Making Traditional Fish and Chips

Posted by grizzlymedia on September 5, 2007There are a lot of different foods that come to mind when you think of going to an Irish Pub for food and beer, but the one that sticks out the most is fish and chips. It is sort of a simple dish in many ways but such a great, flavorful one too. Although it does seem simple at first, given the number of times we have all probably tasted bad fish and chips, there are some things to keep in mind if you try to recreate the experience at home.

Some types of fish are better for battered fish than others. Cod tends to be the best one and it is in keeping with the Irish pub tradition as does Haddock. Cod is able to take on the batter well but still is able to come out light and flaky after being fried. Haddock is also a great option and if you are trying for something a bit different than most of the fish and chips you’ve had in the past, then you might give Haddock a try. Having two choices is also easier when it comes to getting the ingredients to make at home since it is always a good idea to choose what looks best when you go to buy the fish.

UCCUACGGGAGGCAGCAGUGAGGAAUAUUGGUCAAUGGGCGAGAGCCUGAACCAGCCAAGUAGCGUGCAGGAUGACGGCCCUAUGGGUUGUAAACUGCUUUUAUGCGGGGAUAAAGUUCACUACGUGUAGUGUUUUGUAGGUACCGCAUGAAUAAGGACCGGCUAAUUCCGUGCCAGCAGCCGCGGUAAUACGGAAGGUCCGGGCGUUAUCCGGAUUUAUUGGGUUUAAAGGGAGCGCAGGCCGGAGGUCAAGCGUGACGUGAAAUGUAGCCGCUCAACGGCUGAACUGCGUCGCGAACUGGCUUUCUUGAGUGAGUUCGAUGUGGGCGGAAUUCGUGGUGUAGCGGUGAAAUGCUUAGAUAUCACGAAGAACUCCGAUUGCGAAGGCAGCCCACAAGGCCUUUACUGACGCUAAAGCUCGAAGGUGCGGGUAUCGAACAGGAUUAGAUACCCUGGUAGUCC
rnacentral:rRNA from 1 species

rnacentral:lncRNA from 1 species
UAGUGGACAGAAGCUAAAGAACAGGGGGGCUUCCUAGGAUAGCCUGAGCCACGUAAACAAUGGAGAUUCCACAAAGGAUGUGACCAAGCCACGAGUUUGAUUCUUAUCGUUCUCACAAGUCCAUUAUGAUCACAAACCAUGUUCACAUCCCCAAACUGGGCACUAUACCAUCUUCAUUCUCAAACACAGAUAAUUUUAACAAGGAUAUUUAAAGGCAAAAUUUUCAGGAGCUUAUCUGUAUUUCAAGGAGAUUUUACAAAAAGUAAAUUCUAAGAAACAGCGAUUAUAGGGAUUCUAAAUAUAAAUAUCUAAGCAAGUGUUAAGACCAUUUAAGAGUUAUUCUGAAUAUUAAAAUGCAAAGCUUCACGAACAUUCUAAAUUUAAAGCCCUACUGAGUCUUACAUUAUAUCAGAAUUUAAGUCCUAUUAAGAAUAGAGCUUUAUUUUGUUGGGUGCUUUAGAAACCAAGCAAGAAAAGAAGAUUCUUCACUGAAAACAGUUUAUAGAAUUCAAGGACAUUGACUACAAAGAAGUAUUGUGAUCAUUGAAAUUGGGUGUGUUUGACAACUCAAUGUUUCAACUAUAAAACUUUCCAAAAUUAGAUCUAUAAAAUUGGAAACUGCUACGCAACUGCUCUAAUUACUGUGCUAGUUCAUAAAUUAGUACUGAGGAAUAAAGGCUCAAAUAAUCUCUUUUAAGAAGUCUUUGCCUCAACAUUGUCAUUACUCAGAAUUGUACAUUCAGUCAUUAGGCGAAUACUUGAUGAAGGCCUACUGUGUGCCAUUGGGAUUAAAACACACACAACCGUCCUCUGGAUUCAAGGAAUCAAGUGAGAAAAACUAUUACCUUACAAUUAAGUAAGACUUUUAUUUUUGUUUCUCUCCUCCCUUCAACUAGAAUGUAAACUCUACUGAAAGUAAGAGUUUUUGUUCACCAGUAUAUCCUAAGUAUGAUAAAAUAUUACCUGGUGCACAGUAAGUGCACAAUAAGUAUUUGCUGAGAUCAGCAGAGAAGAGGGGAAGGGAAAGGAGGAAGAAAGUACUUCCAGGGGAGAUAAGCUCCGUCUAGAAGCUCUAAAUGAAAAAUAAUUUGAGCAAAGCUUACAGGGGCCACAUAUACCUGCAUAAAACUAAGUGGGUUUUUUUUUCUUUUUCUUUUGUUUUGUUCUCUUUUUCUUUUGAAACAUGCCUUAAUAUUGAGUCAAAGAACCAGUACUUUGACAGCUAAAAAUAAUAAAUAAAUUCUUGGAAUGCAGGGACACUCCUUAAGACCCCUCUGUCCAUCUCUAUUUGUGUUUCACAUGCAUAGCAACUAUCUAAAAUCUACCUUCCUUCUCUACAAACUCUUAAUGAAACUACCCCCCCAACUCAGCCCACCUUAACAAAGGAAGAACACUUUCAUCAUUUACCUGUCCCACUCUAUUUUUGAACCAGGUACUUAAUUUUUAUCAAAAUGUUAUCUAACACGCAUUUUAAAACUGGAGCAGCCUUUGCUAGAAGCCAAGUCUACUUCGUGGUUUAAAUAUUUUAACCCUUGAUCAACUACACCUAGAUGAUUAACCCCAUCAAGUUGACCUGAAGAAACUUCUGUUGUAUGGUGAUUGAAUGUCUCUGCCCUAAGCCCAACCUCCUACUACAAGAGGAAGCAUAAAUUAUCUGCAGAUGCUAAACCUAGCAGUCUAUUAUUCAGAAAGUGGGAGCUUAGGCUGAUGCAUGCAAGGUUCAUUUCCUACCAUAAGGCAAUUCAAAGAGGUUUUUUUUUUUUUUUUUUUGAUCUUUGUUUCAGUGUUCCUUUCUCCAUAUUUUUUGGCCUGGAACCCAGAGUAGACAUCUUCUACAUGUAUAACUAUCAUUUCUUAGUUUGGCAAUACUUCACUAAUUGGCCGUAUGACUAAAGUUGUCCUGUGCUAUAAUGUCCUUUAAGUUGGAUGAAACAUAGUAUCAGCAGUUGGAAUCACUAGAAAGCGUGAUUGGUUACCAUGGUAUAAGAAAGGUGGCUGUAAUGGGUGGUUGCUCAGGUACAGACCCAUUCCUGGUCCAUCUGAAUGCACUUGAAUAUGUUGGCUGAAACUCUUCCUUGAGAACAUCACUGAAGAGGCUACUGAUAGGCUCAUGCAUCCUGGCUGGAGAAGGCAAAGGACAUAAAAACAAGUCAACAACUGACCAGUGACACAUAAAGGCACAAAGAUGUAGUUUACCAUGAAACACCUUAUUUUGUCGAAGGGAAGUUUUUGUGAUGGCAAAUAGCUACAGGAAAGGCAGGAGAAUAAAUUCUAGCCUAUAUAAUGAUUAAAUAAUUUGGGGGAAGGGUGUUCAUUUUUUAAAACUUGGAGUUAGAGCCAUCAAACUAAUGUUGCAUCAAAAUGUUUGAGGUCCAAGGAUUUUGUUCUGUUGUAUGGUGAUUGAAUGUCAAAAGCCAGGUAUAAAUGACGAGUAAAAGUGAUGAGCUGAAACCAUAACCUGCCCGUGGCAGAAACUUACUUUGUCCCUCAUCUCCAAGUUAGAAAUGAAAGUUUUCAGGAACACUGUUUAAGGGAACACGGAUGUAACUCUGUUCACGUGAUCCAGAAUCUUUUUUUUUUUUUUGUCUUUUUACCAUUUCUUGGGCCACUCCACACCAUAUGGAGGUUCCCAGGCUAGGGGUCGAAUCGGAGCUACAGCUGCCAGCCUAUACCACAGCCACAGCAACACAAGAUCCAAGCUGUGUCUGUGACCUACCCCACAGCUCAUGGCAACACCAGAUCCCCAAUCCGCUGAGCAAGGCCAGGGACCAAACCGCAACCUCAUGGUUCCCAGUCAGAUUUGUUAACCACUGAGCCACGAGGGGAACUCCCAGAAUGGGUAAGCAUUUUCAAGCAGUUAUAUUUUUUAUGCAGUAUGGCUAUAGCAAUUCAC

As for the chips that go with the fish you are making, you want to cut them thick. In the United States, fries tend to be cut thin like matchsticks, but pub chips are traditionally fatter wedges. The goal with cooking them right is to get the outside to have a crisp edge without being hard. They can be fried if you want to go the traditional route but you can also consider twice baking them to try to mimic the same crispness and avoiding the fryer. Consider seasoning them with salt and vinegar as you would find in an Irish pub and if you like the flavor, try malt vinegar for an extra zing of flavor.

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